George Russell has urged the FIA to not impose a mandatory three-stop stint length on drivers for the Qatar Grand Prix.
Drama surrounding the tyres erupted on Saturday morning, when Pirelli said engineers found "microscopic" cuts were forming due to excessive time spent on the kerbs around the Lusail Circuit at high speed.
The FIA responded by adjusting the track limits between Turns 12 and 13, giving drivers an extra 10 minutes of practice before the Sprint Shootout.
They are also considering imposing a maximum stint length or require drivers to change tyres three times, as no drivers have completed a stint that could be done over the course of the 57-lap race.
A decision will be made after analysing data from the Sprint race, but Russell does not believe it is necessary.
“It’s kind of part and parcel of a Sprint race weekend," he told media, including RacingNews365.
“If we go to a track like Barcelona, you do the practicing, [then] you know in the race after all of the information gathered [whether] it has to be a two or three-stop.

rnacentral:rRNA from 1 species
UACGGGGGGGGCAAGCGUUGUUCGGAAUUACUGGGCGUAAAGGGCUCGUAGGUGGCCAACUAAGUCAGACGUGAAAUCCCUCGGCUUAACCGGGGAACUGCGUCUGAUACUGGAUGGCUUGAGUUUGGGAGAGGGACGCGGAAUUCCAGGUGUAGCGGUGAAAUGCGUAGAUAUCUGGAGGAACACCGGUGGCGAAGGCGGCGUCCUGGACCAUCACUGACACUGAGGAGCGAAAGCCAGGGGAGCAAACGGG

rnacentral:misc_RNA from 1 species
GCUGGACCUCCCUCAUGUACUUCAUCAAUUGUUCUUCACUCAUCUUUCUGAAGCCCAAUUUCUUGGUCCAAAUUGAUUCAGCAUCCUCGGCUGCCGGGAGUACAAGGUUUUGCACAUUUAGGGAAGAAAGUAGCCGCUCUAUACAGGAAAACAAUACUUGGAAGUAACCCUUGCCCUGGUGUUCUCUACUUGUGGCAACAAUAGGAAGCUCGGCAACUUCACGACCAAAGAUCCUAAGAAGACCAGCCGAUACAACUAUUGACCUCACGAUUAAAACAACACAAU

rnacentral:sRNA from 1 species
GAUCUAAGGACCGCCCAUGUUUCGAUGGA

"If you try a one-stop, it’s just not going to work.
“This weekend, we had no data.
"If we had the [usual] three sessions we’d have learnt that the tyre’s wearing and you got to do a two or three-stop.
"What the FIA did with the small modification to the track was good. I was a bit sceptical but I thought it was a good step, but I don’t think they need to intervene to say it needs to be a mandatory three-stop."
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Russell wants improved communication line
Russell believes enough data should be able to be parsed from the Sprint race, to enable a decision to be taken over whether it will be safe to run the race with no issues.
“I think give us the data, see how much wear there was on the Soft, the Medium and we should all be smart enough to make a decision based on that," he explained.
“You should be able to see even with the 10 laps we did [in the Sprint], how much wear there is, how it would have progressed had there been a 19-lap race."
In addition, Russell called for an improved communication line between the governing body and drivers after finding out about the changes through a WhatsApp message on Saturday Morning.
"I found out from a text on WhatsApp from another driver, which is obviously not ideal," said Russell.
"I think Nikolas Tombazis and Steve Nielsen are aware and recognise the communication line between the FIA and the drivers isn't strong enough.
"It needs to have a better cooperation, because a lot of these things directly impact us. We can also give our first hand view from the cockpit, which can help aid some of these decisions."